The basement of the building is a supermarket. Photo gallery
Yemen known as the Republic of Yemen, is a country at the southern end of the Arabian Peninsula in Western Asia. Yemen is the second-largest Arab sovereign state in the peninsula, occupying 527,970 square kilometres; the coastline stretches for about 2,000 kilometres. It is bordered by Saudi Arabia to the north, the Red Sea to the west, the Gulf of Aden and Guardafui Channel to the south, the Arabian Sea and Oman to the east. Yemen's territory includes more than 200 islands. Yemen's constitutionally stated capital is the city of Sana'a, but the city has been under Houthi rebel control since February 2015. Yemen was the home of the Sabaeans, a trading state that flourished for over a thousand years and included parts of modern-day Ethiopia and Eritrea. In 275 CE, the region came under the rule of the Jewish-influenced Himyarite Kingdom. Christianity arrived in the fourth century. Islam spread in the seventh century and Yemenite troops were crucial in the expansion of the early Islamic conquests.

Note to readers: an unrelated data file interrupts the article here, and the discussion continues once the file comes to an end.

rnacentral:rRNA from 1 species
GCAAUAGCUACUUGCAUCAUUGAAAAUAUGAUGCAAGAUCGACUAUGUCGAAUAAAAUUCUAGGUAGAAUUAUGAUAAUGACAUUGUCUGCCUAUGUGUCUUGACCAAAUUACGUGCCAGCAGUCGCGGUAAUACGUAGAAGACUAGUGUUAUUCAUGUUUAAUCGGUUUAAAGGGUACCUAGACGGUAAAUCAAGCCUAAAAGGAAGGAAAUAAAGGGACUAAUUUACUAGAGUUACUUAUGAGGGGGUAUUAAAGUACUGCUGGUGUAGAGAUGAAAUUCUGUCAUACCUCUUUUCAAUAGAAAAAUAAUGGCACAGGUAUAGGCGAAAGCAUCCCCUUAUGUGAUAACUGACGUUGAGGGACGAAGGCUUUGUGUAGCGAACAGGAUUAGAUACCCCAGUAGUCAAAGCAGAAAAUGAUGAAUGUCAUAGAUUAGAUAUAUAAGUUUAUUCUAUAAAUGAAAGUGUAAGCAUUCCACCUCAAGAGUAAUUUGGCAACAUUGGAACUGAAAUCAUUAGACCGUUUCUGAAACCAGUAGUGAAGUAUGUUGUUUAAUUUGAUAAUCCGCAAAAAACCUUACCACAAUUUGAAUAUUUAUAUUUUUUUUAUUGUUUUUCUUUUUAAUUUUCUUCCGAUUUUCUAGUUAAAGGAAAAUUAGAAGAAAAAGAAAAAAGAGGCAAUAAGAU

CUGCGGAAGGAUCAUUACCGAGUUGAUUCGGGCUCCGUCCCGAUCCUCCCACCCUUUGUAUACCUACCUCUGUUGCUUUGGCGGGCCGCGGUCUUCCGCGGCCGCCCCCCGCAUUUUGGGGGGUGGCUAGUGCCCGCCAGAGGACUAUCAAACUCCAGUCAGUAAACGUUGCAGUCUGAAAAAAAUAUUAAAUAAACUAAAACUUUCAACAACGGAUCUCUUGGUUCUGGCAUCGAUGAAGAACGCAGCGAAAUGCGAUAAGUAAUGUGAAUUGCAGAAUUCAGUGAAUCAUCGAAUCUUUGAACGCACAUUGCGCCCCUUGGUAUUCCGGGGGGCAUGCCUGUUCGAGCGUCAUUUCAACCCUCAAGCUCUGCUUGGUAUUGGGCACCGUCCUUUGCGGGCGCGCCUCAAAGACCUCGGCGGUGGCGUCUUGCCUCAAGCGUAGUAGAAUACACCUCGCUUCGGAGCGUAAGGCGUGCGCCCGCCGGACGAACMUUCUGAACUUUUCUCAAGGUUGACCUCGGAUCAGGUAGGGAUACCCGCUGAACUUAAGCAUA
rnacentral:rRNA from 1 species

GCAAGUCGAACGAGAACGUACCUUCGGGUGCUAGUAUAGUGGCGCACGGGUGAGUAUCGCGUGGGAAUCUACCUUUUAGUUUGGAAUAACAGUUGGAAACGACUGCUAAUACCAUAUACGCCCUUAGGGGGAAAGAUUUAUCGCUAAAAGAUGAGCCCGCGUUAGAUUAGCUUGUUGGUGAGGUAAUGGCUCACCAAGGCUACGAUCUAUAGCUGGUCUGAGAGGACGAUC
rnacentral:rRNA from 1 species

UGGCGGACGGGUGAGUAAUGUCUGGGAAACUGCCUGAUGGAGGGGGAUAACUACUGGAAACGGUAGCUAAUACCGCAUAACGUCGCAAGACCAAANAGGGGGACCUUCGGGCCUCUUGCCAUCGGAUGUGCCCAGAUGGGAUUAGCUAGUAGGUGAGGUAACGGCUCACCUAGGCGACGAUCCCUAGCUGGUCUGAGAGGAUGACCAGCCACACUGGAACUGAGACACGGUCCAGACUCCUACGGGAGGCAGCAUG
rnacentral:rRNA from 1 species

Administration of Yemen has long been notoriously difficult. Several dynasties emerged from the ninth to 16th centuries, the Rasulid dynasty being the strongest and most prosperous; the country was divided between the British empires in the early twentieth century. The Zaydi Mutawakkilite Kingdom of Yemen was established after World War I in North Yemen before the creation of the Yemen Arab Republic in 1962. South Yemen remained a British protectorate known as the Aden Protectorate until 1967 when it became an independent state and a Marxist-Leninist state; the two Yemeni states united to form the modern republic of Yemen in 1990. Yemen is the poorest country in the Middle East. Under the rule of President Ali Abdullah Saleh, Yemen was described by critics as a kleptocracy. According to the 2009 International Corruption Perceptions Index by Transparency International, Yemen ranked 164 out of 182 countries surveyed. In the absence of strong state institutions, elite politics in Yemen constituted a de facto form of collaborative governance, where competing tribal, regional and political interests agreed to hold themselves in check through tacit acceptance of the balance it produced.